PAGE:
It happened again. There I am, in the middle of a 19 second, six ball pass through the ski course, and at the 4th ball, my intensity went down. Letting up was not a conscious decision – it’s such an old habit, that it’s almost “natural”. Too natural. This time, the coach watching in the boat could see it on my face and called me on it. Pretty quickly, I understood the cause and was able to correct it on the next pass.
The cause of my lapse is very common and much harder to correct than it appears to be at first glance. What is it?
No, I’m not talking about me physically jumping anywhere. It’s my brain that makes the leap. In this case, my brain made the leap from 4 ball to the end of the lake.
I was already doing the post game analysis DURING the game.
Oops. Lost intensity and almost didn’t finish the pass. My mind jumped ahead said “I’ve got this.”
Jumping ahead is not the only place my mind jumps. More often than I care to admit, my mind will jump from what I’m doing to what you are thinking. Here’s an example: I was facilitating a leadership session for a new client and asked a very open-ended question to the group. Although I had been warned that the room would be full of introverts, my question was tailored for the talkers. It fell completely flat.
My thought-provoking, brainstorming, letsnoteveryonetalkatonce question was met with silent stares.
Then my mind jumped. This time the jump was not ahead, but “into their heads.” Not really into their heads – that’s impossible – but my fear of what was going on in their heads provoked these thoughts “What is happening? What do they think of me? They are not liking this. They hate me.” You can imagine how ineffective I was while those thoughts were running me. My client later said it looked like I had “left my body.” Yes, I had jumped!
After a few minutes, I gathered myself and we had a very good dialogue – when my brain stayed put in the present moment with my full attention on the group.
So what is “jump thinking?” Jump Thinking happens whenever the brain takes you ahead, behind, outside or into the deep (and currently non-relevant) recesses of your own mind. It is anytime your thinking has leapt to the future, the past or onto what you think someone else is thinking.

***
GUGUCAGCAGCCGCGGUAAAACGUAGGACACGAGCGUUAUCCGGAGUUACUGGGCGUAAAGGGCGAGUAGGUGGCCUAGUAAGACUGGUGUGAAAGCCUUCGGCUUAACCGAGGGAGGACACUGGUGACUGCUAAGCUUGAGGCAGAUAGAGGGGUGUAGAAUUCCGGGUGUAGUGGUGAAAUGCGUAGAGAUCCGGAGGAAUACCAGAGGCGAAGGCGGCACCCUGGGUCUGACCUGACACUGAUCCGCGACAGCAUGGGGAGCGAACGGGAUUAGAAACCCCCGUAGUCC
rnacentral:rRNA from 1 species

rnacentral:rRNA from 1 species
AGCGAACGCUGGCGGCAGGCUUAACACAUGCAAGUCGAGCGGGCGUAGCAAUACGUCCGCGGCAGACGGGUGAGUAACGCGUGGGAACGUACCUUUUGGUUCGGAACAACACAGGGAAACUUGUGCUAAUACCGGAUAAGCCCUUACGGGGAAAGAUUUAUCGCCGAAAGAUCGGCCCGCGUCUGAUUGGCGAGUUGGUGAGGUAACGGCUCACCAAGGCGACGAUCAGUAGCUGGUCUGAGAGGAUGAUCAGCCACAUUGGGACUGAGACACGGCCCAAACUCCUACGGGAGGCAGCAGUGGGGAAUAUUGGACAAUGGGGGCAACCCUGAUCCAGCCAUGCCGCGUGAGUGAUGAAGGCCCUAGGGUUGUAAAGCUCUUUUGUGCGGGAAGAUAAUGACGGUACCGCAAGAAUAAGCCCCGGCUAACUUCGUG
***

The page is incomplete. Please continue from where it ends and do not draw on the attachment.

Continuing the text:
Ahead: “I’ve got this.”
Behind: “Why do I always (or never) do x?”
Outside: “Why are they looking at me like that? What do they think of me? How do I get them to [like me,] [think I’m smart], [think I’m valuable?]”
Deep Recesses: “Look how my hand just moved.”
This does not mean that you cannot think about the future or plan – of course you can.
However, in order to unleash your best performance, it’s best to keep your attention on the moment at hand.
We have incredibly distractible minds – more so now than ever with smart phones and other media temptations – so Jump Thinking is actually the norm. Staying present – keeping your attention on the thing at hand – has become a powerful, yet mostly absent skill.
Train your attention and watch your performance leap to another level.
What kind of “jump thinking” do you do? Do you jump back to the past, wondering “what if?” Do you jump to the future, doing the post game while the real game is happening right now? Do you jump to conclusions, taking things personally even when no ill was intended? What does it take for you to focus your attention on what is happening now?
As always, I would love to hear any tips, tricks or challenges that you have!
Know someone who would love this article? Email or share below!
Lynn Carnes accelerates change and unleashes leadership performance in organizations, especially in context of challenges without easy answers. She loves to hear about how your experiments with these ideas turn out. To contact her or share your experiences email firstname.lastname@example.org.
Sitting in a high school graduation ceremony recently, I found myself in tears from beginning to end. Was it because I was proud of my child walking across the stage? Nope, she’s 34, and while I was quite emotional (relief mostly) 16 years ago when she crossed the stage, it didn’t compare to the emotions felt during this graduation.
I really don’t have a word for the biggest emotion I felt this weekend. I used the word “verklempt” a lot, and it was somewhat fitting. For sure there was respect and awe for the very fact that this particular graduation was happening with this particular start up school. But this emotion was so much more.